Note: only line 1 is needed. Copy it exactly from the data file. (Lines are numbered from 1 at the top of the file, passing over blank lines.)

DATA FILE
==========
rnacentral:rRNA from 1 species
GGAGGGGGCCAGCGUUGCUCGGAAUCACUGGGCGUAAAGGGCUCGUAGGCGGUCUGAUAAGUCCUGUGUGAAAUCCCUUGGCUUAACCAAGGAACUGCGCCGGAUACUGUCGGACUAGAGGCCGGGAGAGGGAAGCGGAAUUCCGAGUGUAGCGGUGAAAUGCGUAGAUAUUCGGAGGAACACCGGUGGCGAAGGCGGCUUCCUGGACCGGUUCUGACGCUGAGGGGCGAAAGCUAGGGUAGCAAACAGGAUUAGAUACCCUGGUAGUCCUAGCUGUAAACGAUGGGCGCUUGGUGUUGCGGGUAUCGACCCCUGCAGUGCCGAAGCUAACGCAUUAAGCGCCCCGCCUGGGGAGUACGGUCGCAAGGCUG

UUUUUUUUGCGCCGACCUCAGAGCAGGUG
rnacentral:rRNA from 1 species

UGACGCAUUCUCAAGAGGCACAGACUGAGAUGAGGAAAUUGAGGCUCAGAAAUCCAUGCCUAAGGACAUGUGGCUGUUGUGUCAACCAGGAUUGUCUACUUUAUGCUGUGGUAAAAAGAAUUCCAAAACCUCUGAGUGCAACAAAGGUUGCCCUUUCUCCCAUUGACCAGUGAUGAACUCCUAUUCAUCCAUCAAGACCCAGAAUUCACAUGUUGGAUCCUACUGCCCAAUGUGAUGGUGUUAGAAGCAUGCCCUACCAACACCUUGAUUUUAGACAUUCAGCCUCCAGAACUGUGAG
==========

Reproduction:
rnacentral:rRNA from 1 species